MIT Center for Civic Media | Innovating civic media tools and practices together with communities

Between the Bars

Between the Bars, the blogging platform for people in prison, now has over 500 bloggers who have published nearly 8000 posts, each originating from postal mail. From heartfelt letters to their family to heartening stories of determination, the writers continue to inspire, delight, and provide a unique and personal insight into life in the world’s largest incarceration system. Through this work we seek to interrupt the destructive isolation of prisons through a public, online conversation.

In the last year, Between the Bars has begun the process of spinning out from the Center for Civic Media by incorporating as a non-profit. We’re seeking new models for revenue, growth, and impact, including partnerships with other organizations campaigning to end mass incarceration. Letters we received as part of the “Phone Justice” campaign, a long running effort by dozens of activist organizations, helped to pressure the FCC to recommend new rules reducing the extortionate cost of basic phone calls in prison in late 2012. This spring, we’ve also begun supporting the Papyrus Collective, a group of bloggers on Death Row in San Quentin who have organized to amplify their message. Over the summer we will be collaborating with the organization Working Narratives to collect poems from both our writers for a Prison Poetry Workshop. Nearly 100 writers will create new works in response to 9 prompts inspired by the poetry of those who have been or are incarcerated.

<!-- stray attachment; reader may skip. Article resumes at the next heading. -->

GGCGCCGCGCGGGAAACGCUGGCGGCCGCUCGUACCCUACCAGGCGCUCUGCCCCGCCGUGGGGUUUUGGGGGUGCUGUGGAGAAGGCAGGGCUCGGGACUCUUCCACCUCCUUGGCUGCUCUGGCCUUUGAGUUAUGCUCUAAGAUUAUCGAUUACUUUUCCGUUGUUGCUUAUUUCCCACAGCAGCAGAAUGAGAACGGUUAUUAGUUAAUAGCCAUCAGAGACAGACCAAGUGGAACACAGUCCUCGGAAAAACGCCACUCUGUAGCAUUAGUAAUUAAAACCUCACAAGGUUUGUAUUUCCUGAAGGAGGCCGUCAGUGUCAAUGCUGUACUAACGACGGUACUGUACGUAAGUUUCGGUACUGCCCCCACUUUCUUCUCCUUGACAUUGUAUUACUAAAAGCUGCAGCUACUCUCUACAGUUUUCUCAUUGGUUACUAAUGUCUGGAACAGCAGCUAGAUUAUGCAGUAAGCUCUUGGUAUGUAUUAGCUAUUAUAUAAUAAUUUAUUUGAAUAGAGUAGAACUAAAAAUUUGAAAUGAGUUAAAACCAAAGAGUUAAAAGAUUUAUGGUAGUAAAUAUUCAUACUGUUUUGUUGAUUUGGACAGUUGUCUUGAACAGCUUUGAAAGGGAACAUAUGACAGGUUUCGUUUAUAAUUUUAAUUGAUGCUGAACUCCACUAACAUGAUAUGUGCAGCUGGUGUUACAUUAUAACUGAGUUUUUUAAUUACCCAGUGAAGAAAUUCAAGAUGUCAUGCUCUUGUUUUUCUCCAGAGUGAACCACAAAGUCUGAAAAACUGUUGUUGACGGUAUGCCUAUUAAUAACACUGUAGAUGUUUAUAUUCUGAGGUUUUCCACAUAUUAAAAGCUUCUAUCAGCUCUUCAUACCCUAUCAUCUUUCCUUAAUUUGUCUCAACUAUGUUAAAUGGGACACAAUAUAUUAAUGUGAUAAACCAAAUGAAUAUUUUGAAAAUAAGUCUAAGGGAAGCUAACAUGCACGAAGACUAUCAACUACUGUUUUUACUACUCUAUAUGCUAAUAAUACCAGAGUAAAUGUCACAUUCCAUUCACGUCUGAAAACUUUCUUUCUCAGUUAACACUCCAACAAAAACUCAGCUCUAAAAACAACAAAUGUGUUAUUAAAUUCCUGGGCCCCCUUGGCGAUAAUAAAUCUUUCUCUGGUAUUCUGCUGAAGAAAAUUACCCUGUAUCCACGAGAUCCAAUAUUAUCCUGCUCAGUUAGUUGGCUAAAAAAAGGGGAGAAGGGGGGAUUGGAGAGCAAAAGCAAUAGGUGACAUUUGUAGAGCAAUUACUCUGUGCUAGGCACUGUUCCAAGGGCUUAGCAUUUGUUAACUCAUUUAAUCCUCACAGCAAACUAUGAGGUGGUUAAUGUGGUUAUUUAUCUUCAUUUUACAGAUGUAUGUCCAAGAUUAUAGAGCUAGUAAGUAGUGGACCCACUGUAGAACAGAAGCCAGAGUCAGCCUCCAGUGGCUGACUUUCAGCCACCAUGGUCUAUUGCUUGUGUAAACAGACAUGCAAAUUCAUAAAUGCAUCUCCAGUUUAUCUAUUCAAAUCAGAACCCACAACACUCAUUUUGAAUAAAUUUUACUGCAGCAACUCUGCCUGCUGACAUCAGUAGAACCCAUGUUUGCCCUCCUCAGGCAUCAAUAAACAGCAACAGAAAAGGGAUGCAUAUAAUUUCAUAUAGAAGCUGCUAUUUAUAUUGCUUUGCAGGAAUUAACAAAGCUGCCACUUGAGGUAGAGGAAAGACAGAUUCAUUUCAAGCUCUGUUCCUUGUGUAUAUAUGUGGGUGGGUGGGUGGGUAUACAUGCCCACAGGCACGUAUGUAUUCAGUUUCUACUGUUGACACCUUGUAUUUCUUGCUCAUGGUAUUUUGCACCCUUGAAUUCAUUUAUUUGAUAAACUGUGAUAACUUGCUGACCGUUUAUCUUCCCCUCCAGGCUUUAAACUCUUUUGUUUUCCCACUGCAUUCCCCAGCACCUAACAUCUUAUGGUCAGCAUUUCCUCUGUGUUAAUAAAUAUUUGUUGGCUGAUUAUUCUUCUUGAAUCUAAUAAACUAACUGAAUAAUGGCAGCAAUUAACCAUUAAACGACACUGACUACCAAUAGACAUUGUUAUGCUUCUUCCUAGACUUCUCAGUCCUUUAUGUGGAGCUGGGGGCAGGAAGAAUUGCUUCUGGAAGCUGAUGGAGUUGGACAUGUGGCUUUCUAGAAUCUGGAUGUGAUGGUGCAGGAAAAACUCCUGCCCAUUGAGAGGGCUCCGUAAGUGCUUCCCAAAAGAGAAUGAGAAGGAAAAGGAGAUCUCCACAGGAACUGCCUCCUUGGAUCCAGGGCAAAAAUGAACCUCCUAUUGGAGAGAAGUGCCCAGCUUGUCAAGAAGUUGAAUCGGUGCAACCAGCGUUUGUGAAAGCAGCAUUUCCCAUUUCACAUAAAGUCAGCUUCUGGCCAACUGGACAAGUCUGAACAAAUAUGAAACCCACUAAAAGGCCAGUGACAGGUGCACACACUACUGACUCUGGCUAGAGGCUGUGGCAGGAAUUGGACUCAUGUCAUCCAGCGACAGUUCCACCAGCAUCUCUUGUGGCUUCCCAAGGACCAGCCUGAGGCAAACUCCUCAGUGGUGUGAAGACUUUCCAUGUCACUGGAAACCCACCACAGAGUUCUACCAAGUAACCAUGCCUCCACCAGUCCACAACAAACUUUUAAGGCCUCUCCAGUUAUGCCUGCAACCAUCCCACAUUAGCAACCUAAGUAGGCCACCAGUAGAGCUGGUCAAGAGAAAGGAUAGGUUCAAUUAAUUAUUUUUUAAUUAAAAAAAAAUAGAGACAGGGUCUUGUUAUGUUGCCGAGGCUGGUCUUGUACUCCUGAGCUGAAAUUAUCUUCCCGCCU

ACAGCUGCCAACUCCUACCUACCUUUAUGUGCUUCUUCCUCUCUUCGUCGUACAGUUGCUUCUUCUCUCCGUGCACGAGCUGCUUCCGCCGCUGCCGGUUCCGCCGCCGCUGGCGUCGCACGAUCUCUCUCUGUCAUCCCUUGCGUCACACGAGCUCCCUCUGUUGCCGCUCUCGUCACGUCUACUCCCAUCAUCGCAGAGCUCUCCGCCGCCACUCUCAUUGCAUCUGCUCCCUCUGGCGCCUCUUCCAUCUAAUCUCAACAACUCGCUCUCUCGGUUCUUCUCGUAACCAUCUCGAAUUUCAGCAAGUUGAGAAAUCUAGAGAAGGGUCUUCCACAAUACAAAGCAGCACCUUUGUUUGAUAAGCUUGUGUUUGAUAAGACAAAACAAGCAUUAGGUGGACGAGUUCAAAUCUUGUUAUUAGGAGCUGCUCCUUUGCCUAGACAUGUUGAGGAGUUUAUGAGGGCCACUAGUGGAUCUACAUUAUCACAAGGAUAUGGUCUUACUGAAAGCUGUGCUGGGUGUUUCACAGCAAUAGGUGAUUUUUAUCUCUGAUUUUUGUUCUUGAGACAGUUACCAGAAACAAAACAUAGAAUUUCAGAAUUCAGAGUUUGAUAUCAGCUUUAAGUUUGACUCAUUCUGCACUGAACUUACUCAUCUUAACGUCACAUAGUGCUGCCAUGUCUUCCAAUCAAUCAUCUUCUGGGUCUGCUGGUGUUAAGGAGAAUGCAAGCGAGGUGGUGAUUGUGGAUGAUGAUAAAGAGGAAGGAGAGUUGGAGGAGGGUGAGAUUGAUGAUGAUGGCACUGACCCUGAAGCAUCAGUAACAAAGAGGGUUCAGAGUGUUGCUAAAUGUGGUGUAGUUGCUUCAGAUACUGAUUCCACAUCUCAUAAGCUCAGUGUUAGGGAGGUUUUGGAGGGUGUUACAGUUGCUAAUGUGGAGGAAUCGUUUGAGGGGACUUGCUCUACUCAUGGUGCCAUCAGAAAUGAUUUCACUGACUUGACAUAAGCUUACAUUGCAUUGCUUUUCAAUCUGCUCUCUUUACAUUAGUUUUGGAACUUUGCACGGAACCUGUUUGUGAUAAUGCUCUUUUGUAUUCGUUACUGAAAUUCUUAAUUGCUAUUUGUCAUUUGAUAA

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Wow! That's a novel idea. You will get to hear from the other side of the bar. Will it have options to send the feedback/comments back to the author through a paper copy or as an audio version?

I see the potential of this project. You could use this in poor countries where many people cannot blog in their local languages due to browser language support and other technical limitations. You could use this system to get the word out. I am interested is exploring further when the all the features of the software are made public.


I wish it would be a lot of people involved in this kind of projects.. behind the bars..
Good luck!

How can I get involved? Do you need people from afar (Philadelphia area) to help in any way? Please write

I just came across your post on PTO, and thought it was interesting, because I am publishing a blog for an inmate who was recently incarcerated. We both thought it would be a good idea to allow people on the outside to be able to read about what his experience is like, as well as allow his friends and family to keep updated on how he is doing. If you'd like to follow the blog, or perhaps even refer to it or use it in your project, you can find it at or email me at

I have some valuable info that could be helpful on this project. You can email me at

Wondering if there's an application for rural, aging and native populations who also lack online access...